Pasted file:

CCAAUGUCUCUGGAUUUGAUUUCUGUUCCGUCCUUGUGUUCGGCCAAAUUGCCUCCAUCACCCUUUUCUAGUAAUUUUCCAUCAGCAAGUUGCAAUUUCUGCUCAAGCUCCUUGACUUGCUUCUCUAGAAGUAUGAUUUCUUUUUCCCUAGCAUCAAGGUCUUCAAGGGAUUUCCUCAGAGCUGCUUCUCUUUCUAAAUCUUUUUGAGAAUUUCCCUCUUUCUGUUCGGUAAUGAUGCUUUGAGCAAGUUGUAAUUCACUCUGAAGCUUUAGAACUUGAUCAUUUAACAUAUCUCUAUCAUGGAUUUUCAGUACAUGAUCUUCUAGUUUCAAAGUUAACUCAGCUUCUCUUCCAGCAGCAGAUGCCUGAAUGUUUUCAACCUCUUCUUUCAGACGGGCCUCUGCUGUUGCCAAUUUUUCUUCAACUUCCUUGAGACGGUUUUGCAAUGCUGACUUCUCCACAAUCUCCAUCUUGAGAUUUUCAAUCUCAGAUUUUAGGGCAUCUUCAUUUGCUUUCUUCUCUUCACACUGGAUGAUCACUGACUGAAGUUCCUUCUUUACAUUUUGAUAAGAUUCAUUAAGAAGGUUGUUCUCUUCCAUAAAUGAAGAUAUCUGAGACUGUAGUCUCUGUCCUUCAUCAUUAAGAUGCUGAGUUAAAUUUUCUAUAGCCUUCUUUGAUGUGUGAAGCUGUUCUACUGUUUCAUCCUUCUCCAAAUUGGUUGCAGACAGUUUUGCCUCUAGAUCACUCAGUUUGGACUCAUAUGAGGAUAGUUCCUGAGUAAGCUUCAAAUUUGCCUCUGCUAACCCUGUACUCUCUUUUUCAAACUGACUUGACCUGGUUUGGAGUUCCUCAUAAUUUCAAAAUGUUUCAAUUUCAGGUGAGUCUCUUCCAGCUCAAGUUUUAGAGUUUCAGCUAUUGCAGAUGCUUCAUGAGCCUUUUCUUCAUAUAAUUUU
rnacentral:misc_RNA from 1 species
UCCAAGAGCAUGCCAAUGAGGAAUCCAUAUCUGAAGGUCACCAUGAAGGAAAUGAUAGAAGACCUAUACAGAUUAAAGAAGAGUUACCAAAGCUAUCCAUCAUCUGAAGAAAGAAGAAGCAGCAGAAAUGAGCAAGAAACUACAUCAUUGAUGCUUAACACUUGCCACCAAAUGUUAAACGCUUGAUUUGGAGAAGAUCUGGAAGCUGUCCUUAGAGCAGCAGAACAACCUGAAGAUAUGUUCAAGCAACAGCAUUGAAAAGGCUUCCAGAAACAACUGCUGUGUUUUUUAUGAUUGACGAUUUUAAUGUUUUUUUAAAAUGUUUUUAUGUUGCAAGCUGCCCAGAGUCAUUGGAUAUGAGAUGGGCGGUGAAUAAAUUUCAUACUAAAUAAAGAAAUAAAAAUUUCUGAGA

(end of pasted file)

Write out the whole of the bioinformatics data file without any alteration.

CCAAUGUCUCUGGAUUUGAUUUCUGUUCCGUCCUUGUGUUCGGCCAAAUUGCCUCCAUCACCCUUUUCUAGUAAUUUUCCAUCAGCAAGUUGCAAUUUCUGCUCAAGCUCCUUGACUUGCUUCUCUAGAAGUAUGAUUUCUUUUUCCCUAGCAUCAAGGUCUUCAAGGGAUUUCCUCAGAGCUGCUUCUCUUUCUAAAUCUUUUUGAGAAUUUCCCUCUUUCUGUUCGGUAAUGAUGCUUUGAGCAAGUUGUAAUUCACUCUGAAGCUUUAGAACUUGAUCAUUUAACAUAUCUCUAUCAUGGAUUUUCAGUACAUGAUCUUCUAGUUUCAAAGUUAACUCAGCUUCUCUUCCAGCAGCAGAUGCCUGAAUGUUUUCAACCUCUUCUUUCAGACGGGCCUCUGCUGUUGCCAAUUUUUCUUCAACUUCCUUGAGACGGUUUUGCAAUGCUGACUUCUCCACAAUCUCCAUCUUGAGAUUUUCAAUCUCAGAUUUUAGGGCAUCUUCAUUUGCUUUCUUCUCUUCACACUGGAUGAUCACUGACUGAAGUUCCUUCUUUACAUUUUGAUAAGAUUCAUUAAGAAGGUUGUUCUCUUCCAUAAAUGAAGAUAUCUGAGACUGUAGUCUCUGUCCUUCAUCAUUAAGAUGCUGAGUUAAAUUUUCUAUAGCCUUCUUUGAUGUGUGAAGCUGUUCUACUGUUUCAUCCUUCUCCAAAUUGGUUGCAGACAGUUUUGCCUCUAGAUCACUCAGUUUGGACUCAUAUGAGGAUAGUUCCUGAGUAAGCUUCAAAUUUGCCUCUGCUAACCCUGUACUCUCUUUUUCAAACUGACUUGACCUGGUUUGGAGUUCCUCAUAAUUUCAAAAUGUUUCAAUUUCAGGUGAGUCUCUUCCAGCUCAAGUUUUAGAGUUUCAGCUAUUGCAGAUGCUUCAUGAGCCUUUUCUUCAUAUAAUUUU
rnacentral:misc_RNA from 1 species
UCCAAGAGCAUGCCAAUGAGGAAUCCAUAUCUGAAGGUCACCAUGAAGGAAAUGAUAGAAGACCUAUACAGAUUAAAGAAGAGUUACCAAAGCUAUCCAUCAUCUGAAGAAAGAAGAAGCAGCAGAAAUGAGCAAGAAACUACAUCAUUGAUGCUUAACACUUGCCACCAAAUGUUAAACGCUUGAUUUGGAGAAGAUCUGGAAGCUGUCCUUAGAGCAGCAGAACAACCUGAAGAUAUGUUCAAGCAACAGCAUUGAAAAGGCUUCCAGAAACAACUGCUGUGUUUUUUAUGAUUGACGAUUUUAAUGUUUUUUUAAAAUGUUUUUAUGUUGCAAGCUGCCCAGAGUCAUUGGAUAUGAGAUGGGCGGUGAAUAAAUUUCAUACUAAAUAAAGAAAUAAAAAUUUCUGAGA